The date of Ukraine’s admission to the World Trade Organization may be known as early as May after the eighth round of talks in Geneva, announced Ukraine’s Deputy Minister of the Economy Andriy Honcharuk during a round table on Ukrainian and Dutch businesspeople, Forum (www.for.com.ua) quotes Ukrinform. It will be recalled that Ukraine officially applied for WTO membership as early as 1993, but even now in the third millennium it still seems a long way from it. What stands in the way of our integration into the world trade community?
This subject was discussed by The Day’s correspondent with foreign experts on WTO membership, independent expert Klaus KAUTZOR-SCHROEDER and Ukrainian-European Policy and Legal Advice Center (UEPLAC) senior consultant Saul ALANOCA.
“Mr. Kautzor-Schroeder, you specialize in trade in the service sector. The latest State Statistics Committee report says Ukraine’s foreign services trade surplus dropped in 2000 by 15.0% to $2,126,000. Yet, the overall foreign services trade increased by 2.5%, compared to 1999, to $4,847,600, including exports worth $3,486,800 (down 3.5%) and imports worth $1,360,800 (up 22.2%). Transport and state services continue to make up the largest share of overall Ukrainian exports: 83.7% and 49.3% respectively. Would you tell us how these indices compare with those of Western Europe?”
K. K.-S.: “It should be noted that, in spite of a reduction in export services last year, the overall balance remains positive. The situation in other European countries differs from that in Ukraine. For instance, Germany displays a service trade deficit, because there was a negative balance in tourist services: Germans prefer traveling abroad to receiving tourists. The US, Britain, and France show a service trade surplus. The first two of these countries mainly achieved this at the expense of financial services by banks and insurance companies, while France did so owing to high revenues from tourism. Of course, the services trade in Ukraine is far smaller than in these countries, where this variety of trade is considered one of the main sectors of the economy. Ukraine’s admission to the World Trade Organization and integration into the European community is supposed to increase these figures. For example, Ukraine, with its beautiful Black Sea sun spots, has good opportunities for the development of tourism.”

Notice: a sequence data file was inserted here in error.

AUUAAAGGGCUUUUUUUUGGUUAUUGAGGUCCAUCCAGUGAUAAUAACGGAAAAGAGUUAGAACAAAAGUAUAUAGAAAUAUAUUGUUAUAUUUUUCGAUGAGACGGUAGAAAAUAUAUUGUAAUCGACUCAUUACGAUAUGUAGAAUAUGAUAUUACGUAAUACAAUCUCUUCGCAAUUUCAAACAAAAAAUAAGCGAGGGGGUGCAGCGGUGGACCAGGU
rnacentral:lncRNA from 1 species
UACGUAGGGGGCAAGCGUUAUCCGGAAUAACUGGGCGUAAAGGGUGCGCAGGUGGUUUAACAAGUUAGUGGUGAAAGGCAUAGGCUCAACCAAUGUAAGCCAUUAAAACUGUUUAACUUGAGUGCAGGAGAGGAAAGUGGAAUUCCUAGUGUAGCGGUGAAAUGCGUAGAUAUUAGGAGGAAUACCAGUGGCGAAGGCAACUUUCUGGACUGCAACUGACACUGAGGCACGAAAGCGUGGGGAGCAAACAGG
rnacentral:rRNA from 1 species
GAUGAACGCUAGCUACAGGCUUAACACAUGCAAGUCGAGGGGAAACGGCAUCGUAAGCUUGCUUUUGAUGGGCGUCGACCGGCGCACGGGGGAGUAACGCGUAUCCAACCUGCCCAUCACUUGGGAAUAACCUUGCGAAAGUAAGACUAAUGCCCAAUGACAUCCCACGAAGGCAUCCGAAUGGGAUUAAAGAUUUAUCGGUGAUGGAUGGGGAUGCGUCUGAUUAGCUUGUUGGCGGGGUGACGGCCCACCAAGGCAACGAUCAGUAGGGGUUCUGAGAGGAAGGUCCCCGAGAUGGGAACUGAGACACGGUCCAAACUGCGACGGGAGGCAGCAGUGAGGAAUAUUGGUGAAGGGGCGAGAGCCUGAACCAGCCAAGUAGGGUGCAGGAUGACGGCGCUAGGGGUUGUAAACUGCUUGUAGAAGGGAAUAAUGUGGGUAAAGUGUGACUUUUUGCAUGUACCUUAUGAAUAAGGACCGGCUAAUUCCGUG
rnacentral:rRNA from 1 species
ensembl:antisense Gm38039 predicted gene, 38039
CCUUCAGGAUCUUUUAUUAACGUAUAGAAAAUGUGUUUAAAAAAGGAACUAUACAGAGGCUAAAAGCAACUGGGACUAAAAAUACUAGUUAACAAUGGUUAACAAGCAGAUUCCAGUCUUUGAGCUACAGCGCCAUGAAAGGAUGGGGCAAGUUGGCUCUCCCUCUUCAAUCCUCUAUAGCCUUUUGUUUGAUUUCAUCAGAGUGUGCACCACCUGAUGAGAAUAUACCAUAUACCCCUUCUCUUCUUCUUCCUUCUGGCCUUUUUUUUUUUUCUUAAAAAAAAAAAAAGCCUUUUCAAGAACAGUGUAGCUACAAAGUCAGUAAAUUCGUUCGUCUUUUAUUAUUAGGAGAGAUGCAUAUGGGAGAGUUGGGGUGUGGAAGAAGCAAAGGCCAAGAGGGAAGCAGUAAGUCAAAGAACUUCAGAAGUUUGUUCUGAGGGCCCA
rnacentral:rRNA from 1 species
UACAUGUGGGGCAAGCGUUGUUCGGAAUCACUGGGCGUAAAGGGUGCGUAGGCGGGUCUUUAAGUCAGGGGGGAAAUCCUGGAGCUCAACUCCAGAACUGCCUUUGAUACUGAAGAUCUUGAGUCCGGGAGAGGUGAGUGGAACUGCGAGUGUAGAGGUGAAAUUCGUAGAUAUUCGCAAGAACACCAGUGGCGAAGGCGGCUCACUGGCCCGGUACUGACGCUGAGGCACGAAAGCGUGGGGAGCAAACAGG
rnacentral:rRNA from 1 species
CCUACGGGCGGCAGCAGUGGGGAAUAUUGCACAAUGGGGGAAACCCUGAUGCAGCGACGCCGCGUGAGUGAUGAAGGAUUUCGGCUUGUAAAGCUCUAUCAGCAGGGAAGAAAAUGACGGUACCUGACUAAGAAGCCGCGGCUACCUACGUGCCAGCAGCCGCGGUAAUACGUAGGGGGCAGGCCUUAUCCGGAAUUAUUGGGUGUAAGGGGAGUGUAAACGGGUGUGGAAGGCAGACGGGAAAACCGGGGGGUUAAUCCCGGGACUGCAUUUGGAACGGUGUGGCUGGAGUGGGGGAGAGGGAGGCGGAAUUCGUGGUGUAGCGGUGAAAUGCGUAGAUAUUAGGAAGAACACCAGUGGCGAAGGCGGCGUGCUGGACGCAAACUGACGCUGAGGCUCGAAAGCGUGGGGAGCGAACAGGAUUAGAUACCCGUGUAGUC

“Could Ukraine render financial services as successfully?”
K. K.-S.: “I am not an expert in this field, and I have been to Ukraine only a short while. I can only note that after joining the WTO, Ukraine will have more foreign banks on its territory, which will stimulate its economic development.”
S. A.: “The advent of foreign banks boosts competition, and this will bring down loan interest rates (now 30-40%) and increase loan volume. By joining the WTO, Ukraine would commit itself to adopting legislation placing Ukrainian and foreign banks on equal terms. It is possible that Ukraine’s admission to the WTO will also cause many Ukrainian banks to merge in order to reinforce their positions or to merge with Western banks, as is the case in Russia. In the long term, one can predict Ukraine would have fewer banks than now.”
“Would Ukraine’s WTO membership mean recognition of it as a market economy country?”
K. K.-S.: “An interesting question. The former Soviet states that are now WTO members have been recognized by this organization as market economy countries. I think Ukraine will receive the same treatment, although there can be exceptions, of course.”
“What is your assessment of Ukraine’s preparedness for joining the WTO?”